To ensure the traps are working as effectively as possible, we will endeavour to change to a new set of lures over the next week or so.
Update on October 14th
Our moth trap network detected an increase in moth activity in south-eastern Australia over the past month.
In our September update we were unsure as to why moth catches had been low relative to previous years during August and the first half of September. We even suspected that our lures weren’t strong enough, so we had them replaced with a new batch just in case.
Interestingly, in the week prior to changing the lures, some of the traps started to record higher numbers. For example, the trap in Parkes, Central West NSW caught 96 moths over 10 days by the 22nd of September. Prior to this, weekly counts did not surpass 6 moths in this trap.
The first week of October has seen some of the larger catches (115 – 300 moths per trap) in North Central-Southern Wimmera (Marnoo, Rupanyup and Laharum). Another couple of traps were set-up in the Corangamite region on October 1st, with 220 and 200 moths caught over 10 days in Skipton and Lismore respectively.
Larvae activity updates
Update on September 16th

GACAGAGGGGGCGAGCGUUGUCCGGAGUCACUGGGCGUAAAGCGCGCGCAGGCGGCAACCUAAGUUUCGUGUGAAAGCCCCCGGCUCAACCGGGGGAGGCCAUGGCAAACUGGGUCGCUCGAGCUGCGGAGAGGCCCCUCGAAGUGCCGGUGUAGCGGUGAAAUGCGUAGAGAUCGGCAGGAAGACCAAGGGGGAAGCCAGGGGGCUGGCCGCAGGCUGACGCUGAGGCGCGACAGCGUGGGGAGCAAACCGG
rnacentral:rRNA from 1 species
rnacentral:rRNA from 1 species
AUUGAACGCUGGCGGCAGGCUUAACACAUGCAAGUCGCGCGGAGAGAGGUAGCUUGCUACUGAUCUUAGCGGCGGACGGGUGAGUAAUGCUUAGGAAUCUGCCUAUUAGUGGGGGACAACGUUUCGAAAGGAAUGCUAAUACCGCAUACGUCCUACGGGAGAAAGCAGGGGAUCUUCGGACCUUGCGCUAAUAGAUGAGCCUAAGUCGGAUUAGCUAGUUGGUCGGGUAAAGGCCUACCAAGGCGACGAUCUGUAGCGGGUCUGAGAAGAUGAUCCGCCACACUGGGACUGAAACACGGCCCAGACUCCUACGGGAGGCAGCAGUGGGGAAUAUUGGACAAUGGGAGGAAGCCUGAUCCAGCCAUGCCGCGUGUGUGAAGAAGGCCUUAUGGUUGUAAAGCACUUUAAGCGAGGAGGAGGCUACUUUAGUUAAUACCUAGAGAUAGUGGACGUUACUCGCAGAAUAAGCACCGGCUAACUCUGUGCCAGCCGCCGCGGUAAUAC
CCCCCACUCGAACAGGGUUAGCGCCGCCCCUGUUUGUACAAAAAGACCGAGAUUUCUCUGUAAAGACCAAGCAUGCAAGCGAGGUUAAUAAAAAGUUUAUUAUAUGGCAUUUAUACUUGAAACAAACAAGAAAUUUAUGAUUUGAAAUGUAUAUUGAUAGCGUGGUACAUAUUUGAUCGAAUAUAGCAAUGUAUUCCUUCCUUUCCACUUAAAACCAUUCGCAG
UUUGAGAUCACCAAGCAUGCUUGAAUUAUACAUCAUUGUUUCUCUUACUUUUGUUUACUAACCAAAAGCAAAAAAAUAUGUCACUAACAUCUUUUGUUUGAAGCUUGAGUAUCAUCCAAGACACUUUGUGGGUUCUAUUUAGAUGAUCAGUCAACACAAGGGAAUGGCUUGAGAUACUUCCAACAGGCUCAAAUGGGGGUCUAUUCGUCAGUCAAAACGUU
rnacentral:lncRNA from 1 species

Between September 10 – 16th, we received first reports of larvae activity. West of Ouyen in the Victorian Mallee, six larvae were caught in 60 sweeps of lentil crop. Larvae were also found in lentils near Euston in Lower Western NSW. Near Hillston in the NSW Riverina, eggs were spotted in a field pea crop.
Update on October 14th
Feedback from advisers with respect to larvae number have been mixed. Some have observed that numbers of native budworm larvae are somewhat lower than usual, while other paddocks are supporting numbers similar to previous years and have required spraying at a similar time.
Monitoring for larvae
Remember moth counts don’t always necessarily reflect larvae severity. The best indicator of larvae population size in crops is to monitor with a sweep net or a beat sheet.
Monitor pulse and canola crops regularly using sweep nets; it is important to sample representative parts of the entire paddock prior before making a control decision.
Taking multiples of 10 sweeps within at least five locations in a paddock is recommended.
Monitoring crops should begin from early podding. As long as pods are green in pulses and other legumes, keep your sweep net at hand – we strongly recommend that monitoring of pulse and canola crops continue until they fully mature.
For more information including threshold calculation details, visit the native budworm PestNote.
Thanks to the following for setting up and monitoring a native budworm trap:
Andrew Rice (Aspire Agri), Jim Cronin and Max Ridley (Nutrien Ag), Adam Dellwo (Elders), Brad Bennett (Agrivision), Shayn Healey (Crop-Rite), Damian Jones (Irrigated Cropping Council), George Hepburn (Tyler’s Rural), Rob Fox (Fox and Miles), Bill Gardner, David White (Delta Ag), Ben Cameron.
Thanks to the following for providing field observations: Aaron Hutchison, Brad Bennett (Agrivision), Patrick Conlan (Dodgshun Medlin), Shayn Healey (Crop-Rite), Bruce Larcombe (Larcombe Agronomy).